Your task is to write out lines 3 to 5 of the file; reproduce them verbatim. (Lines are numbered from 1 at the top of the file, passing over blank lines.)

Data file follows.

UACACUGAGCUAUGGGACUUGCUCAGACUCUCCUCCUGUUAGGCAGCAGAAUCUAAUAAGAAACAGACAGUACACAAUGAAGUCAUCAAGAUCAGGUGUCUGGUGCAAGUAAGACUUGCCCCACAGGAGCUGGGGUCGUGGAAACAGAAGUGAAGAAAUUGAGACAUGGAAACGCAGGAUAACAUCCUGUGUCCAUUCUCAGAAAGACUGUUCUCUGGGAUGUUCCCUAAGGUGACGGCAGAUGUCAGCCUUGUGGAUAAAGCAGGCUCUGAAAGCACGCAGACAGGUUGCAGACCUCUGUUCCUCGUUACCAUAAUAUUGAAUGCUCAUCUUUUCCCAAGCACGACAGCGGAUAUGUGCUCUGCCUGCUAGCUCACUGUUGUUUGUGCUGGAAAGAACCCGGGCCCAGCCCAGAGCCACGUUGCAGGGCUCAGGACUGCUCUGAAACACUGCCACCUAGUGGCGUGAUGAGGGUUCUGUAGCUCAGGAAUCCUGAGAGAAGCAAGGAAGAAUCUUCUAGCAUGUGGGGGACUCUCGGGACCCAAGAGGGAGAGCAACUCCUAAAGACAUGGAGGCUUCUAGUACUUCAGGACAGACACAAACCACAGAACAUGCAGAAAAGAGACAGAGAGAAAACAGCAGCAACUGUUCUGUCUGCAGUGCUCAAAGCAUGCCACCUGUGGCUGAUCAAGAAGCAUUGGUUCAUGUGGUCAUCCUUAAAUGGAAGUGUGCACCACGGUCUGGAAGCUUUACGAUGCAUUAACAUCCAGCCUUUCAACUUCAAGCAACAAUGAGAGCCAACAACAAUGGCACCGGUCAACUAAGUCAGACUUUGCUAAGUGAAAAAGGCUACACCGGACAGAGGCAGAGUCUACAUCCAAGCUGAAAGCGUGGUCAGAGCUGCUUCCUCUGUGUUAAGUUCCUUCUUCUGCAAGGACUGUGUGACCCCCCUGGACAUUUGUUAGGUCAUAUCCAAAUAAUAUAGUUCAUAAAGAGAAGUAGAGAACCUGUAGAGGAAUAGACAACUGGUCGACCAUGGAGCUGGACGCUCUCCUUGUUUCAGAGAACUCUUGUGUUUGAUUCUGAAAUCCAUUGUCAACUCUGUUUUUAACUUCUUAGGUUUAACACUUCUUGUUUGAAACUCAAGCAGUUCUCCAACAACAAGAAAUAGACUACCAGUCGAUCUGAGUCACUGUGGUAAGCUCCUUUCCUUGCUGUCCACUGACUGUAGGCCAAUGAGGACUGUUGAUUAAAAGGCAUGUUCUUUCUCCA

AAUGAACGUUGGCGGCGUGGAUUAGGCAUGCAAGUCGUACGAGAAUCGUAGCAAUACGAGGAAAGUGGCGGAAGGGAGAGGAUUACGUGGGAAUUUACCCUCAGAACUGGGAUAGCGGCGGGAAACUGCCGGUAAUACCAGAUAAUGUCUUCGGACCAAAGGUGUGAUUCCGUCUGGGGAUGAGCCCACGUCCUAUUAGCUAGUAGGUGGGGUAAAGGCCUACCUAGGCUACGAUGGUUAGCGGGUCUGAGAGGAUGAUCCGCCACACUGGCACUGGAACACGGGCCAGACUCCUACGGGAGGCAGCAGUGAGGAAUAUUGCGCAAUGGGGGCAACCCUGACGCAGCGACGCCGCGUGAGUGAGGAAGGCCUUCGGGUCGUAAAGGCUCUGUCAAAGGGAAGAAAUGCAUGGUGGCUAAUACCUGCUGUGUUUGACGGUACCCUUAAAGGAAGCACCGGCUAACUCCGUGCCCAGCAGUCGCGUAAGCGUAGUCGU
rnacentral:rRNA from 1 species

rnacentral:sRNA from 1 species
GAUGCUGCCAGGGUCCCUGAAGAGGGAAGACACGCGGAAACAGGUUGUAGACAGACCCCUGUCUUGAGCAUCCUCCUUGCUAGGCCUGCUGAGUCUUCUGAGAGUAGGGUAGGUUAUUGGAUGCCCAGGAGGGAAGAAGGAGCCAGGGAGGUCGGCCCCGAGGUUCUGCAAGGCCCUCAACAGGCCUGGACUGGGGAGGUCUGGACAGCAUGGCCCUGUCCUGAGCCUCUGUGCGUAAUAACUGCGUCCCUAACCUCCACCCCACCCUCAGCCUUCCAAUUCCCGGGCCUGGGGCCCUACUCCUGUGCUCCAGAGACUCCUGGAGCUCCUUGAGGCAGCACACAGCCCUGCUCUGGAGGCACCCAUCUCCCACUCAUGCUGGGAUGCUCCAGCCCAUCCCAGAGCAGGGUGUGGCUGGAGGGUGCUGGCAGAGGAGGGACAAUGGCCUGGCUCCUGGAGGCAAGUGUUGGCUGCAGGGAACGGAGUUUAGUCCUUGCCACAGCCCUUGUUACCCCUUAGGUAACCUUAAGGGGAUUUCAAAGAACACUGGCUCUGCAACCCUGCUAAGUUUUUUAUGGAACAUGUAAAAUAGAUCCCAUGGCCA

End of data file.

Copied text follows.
rnacentral:rRNA from 1 species

rnacentral:sRNA from 1 species
GAUGCUGCCAGGGUCCCUGAAGAGGGAAGACACGCGGAAACAGGUUGUAGACAGACCCCUGUCUUGAGCAUCCUCCUUGCUAGGCCUGCUGAGUCUUCUGAGAGUAGGGUAGGUUAUUGGAUGCCCAGGAGGGAAGAAGGAGCCAGGGAGGUCGGCCCCGAGGUUCUGCAAGGCCCUCAACAGGCCUGGACUGGGGAGGUCUGGACAGCAUGGCCCUGUCCUGAGCCUCUGUGCGUAAUAACUGCGUCCCUAACCUCCACCCCACCCUCAGCCUUCCAAUUCCCGGGCCUGGGGCCCUACUCCUGUGCUCCAGAGACUCCUGGAGCUCCUUGAGGCAGCACACAGCCCUGCUCUGGAGGCACCCAUCUCCCACUCAUGCUGGGAUGCUCCAGCCCAUCCCAGAGCAGGGUGUGGCUGGAGGGUGCUGGCAGAGGAGGGACAAUGGCCUGGCUCCUGGAGGCAAGUGUUGGCUGCAGGGAACGGAGUUUAGUCCUUGCCACAGCCCUUGUUACCCCUUAGGUAACCUUAAGGGGAUUUCAAAGAACACUGGCUCUGCAACCCUGCUAAGUUUUUUAUGGAACAUGUAAAAUAGAUCCCAUGGCCA